Shooter: A Short Story

Shooter is the second piece by Amelia Roberts for us and it is a great one. Take a read.

It’s dark and warm almost to the point of humid, and the damp, stained wood beneath me vibrates with the bass of the music. The music that plays on a loop, because people never notice that the same song has played three times in the same night, as long as they have enough social lubricant in their system. It’s early, however, and the room is almost empty. Three girls sit on the shiny, fake leather seats across from the bar, clutching archers and lemonades in their hands, one sipping the beverage slowly through a neon green straw. Two young men, around twenty one in age, stand in the far corner, one of them leaning casually against the wall. They both stare at the three girls, debating between themselves which ones they will try to take home tonight – if nothing better comes along, of course. An older couple walk through the door, the woman clutching the man’s forearm in a display of ownership which goes unnoticed – not a single person in the club looks towards them as they make their way towards the bar. They order two beers, the standard fare for 11pm on a Saturday, and I sigh inwardly, imagining it will be at least another hour before I even get a look in.

The beat continues, almost monotonous in tone, the room fills up slowly – each of the people with a different reason to be here – and I debate which kind of person will be the first to make use of my services. Will it be the blazer-clad, clean shaven, hair gelled young man in the corner? The girl exiting the toilets, wiping the remaining tear marks from her rouged cheeks? I hear, over the music and the rabble by the bar, a male voice call out – “Four sambucas please pal.” – And I feel the clammy grip of the bartender close around me, slamming me down onto the sticky surface of the bar top. I feel the aniseed spice of the liquid as it fills me, warming me – it is not a particularly pleasant feeling. The man in front of me – stubbled, unkempt, and dressed entirely in black – lifts me and my three contemporaries, and carries us across the crowded dance floor. One falls from his left hand, a profanity escapes his lips, and his grip tightens as he speeds up, pushing past the writhing grinding bodies. I am placed unceremoniously onto a table – even stickier than the bar – to the sounds of a hurried apology from the man concerning the whereabouts of the fourth Sambuca.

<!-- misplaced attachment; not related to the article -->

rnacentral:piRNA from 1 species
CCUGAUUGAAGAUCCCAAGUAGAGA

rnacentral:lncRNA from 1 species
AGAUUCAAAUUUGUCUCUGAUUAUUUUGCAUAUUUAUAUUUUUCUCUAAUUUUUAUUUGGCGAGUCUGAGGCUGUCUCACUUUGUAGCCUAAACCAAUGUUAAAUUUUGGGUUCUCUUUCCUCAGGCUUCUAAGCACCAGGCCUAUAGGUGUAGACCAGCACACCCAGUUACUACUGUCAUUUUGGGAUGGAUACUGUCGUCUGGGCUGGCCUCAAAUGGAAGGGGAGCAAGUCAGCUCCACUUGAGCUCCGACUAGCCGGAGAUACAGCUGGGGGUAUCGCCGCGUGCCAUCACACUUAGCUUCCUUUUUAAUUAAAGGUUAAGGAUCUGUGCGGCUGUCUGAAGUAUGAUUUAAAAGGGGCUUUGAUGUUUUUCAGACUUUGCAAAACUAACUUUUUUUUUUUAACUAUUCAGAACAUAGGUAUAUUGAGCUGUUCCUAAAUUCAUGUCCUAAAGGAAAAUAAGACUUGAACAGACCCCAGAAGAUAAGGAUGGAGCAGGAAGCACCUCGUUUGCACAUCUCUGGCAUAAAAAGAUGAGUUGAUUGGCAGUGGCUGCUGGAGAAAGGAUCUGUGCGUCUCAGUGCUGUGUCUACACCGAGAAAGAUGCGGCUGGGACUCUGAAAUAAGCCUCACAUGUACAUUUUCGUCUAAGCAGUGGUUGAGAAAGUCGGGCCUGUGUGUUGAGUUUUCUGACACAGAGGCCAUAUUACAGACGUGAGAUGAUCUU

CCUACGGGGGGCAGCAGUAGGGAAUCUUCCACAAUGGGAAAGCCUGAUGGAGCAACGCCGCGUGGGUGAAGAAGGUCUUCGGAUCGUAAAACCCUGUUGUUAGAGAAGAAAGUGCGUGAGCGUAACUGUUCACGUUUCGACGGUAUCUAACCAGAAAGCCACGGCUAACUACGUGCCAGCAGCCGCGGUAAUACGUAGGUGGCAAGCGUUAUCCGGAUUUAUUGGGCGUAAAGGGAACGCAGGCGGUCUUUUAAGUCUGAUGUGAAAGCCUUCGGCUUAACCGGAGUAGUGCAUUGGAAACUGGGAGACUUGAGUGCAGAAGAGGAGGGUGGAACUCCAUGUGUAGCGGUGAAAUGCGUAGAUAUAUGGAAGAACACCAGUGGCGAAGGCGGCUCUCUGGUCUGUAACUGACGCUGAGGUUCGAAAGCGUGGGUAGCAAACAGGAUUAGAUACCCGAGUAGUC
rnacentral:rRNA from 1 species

“Mate, I’m sorry, some bird pushed right into me, have mine if you want?”

“Don’t be fucking ridiculous Tom. We’re here for you. In fact, have them all, we’ve got our beers.”

“Yeah mate, you deserve it after putting up with that bitch for over a year!”

The man – who I assume is Tom – forces a wry smile, lifting one glass to his lips and jerking his head backwards, his eyes wrinkling in a slight grimace as the liquid burns the back of his throat. His three friends, all equally scruffy in appearance, grin widely, one of them shouting out a slightly delayed “Go on lad!” Tom’s hand reaches out to me, lifting me towards his mouth. The whiskers of his not-quite-beard are rough, his breath smells of stale cigarettes and Budweiser, and I uncomfortably clink against his teeth as he downs the Sambuca. I hear his sharp inhale, feel the slight shake of his hand as he dramatically crashes me back onto the table, chipping the tiniest bit of glass off my edge. His friends laugh raucously at his reaction to the final shot of alcohol, one of them reaching to pat him on the back.


“Okay, maybe I do deserve that,” Tom smiles, the happiness reaching his eyes this time as he swigs from a swiftly warming bottle of Budweiser. The blonde opposite him, clad in a battered leather jacket and black skinny jeans, leans towards him, his left hand gesturing towards the growing crowd of drunk young women on the dance floor.